I was walking the beach with a friend when we came upon a sandcastle under siege. The ocean was sending wave after wave to destroy the defenseless fortress. Each wave surging ever-closer. The sandcastle would soon be erased from the face of the Earth. Its only crime was daring to stand in defiance of the mighty ocean. Something had to be done.

I immediately dropped to my knees in front of the castle and started building a defensive wall to hold back the tide. My friend just stood gaping, but soon enlisted in the cause.

The waves… they just they kept coming; relentless in their assault on our wall. Whole sections at a time were lost. We frantically repaired, extended, and reinforced it. It was Incredibly arduous work.

Our desperate quest captured the attention of a few other beach walkers. They watched as the battle raged. The intensity of the waves increased. Holes opened up. We were losing.

I called out for help. “We can save it! We just need more hands!” At first they laughed, but before long they were all drawn in, desperately slapping handfuls of sand on the wall—wholeheartedly committed to saving the castle. And for a time the castle was saved.

I’d like to report that we prevailed in the end, but sadly the ocean defeated us that day.

This experience raised a couple big questions for me:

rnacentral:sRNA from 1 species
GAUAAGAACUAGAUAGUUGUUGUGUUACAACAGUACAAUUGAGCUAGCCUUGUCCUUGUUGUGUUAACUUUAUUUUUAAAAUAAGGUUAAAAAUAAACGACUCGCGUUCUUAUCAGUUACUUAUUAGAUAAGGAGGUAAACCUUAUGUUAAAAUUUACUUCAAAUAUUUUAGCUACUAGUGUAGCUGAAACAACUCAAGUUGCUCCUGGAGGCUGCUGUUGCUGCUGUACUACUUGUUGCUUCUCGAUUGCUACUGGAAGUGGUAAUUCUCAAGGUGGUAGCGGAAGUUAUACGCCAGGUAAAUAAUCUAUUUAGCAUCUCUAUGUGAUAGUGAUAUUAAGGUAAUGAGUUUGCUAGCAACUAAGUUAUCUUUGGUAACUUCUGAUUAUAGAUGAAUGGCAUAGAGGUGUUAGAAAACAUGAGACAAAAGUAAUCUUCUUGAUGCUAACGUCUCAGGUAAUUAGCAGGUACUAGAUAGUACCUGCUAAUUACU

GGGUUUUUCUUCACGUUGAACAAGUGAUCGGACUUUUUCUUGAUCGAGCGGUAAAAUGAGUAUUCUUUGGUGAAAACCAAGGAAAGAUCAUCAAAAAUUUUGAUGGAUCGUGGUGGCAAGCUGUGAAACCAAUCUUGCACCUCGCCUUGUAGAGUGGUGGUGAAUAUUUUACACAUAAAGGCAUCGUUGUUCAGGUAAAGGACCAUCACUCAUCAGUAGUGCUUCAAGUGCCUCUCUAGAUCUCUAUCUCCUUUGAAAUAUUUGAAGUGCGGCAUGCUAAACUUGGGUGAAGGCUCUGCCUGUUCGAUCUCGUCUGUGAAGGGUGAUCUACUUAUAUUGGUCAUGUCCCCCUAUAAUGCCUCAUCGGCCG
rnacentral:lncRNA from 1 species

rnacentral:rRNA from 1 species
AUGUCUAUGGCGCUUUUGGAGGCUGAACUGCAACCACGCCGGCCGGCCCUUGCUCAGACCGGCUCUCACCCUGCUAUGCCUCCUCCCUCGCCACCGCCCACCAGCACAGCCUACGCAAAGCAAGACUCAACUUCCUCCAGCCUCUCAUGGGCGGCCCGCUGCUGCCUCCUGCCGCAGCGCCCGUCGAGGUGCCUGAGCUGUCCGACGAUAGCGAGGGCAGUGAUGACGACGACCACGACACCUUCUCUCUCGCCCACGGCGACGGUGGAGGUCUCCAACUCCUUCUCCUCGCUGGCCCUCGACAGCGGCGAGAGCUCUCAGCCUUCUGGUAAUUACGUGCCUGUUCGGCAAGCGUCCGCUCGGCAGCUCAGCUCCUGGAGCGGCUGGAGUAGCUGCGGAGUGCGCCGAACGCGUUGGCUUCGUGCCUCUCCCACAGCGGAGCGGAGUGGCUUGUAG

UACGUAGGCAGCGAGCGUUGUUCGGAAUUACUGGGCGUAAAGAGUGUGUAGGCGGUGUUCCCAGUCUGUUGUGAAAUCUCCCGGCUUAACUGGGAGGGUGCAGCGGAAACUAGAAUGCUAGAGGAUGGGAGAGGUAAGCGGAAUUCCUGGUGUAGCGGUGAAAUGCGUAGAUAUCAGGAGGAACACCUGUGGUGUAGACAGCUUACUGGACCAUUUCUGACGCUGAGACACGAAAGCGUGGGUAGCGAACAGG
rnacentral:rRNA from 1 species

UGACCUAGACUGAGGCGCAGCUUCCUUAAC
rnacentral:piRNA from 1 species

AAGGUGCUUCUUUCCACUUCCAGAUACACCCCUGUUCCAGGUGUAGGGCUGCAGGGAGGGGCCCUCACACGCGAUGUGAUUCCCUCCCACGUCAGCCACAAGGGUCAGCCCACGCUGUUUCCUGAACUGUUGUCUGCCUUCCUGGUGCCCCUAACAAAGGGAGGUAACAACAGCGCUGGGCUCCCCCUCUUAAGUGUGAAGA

1) Why did these strangers labor so wholeheartedly on this impossible task?

2) Why aren’t people’s hearts and minds engaged like that more often at work?

I found an article published on Harvard Business Review, by Lori Goler, Janelle Gale, Brynn Harrington, and Adam Grant that I believe explains what happened that day on the beach.

In the article they state, “Our data suggest that people are very clear on what they want at work — and they fundamentally want the same things. When it comes to an ideal job, most of us are looking for a career, a community, and a cause.”

  • Career is about work: having a job that provides autonomy, allows you to use your strengths, and promotes your learning and development. It’s at the heart of intrinsic motivation.”
  • “Community is about people: feeling respected, cared about, and recognized by others. It drives our sense of connection and belongingness.”
  • “Cause is about purpose: feeling that you make a meaningful impact, identifying with the organization’s mission, and believing that it does some good in the world. It’s a source of pride.”

These three factors were all there that day, and it resulted in an extraordinary experience.

When career, community, and cause are present (as defined above), we give our all; when they’re not, we don’t.

Feature image by rufus.kahler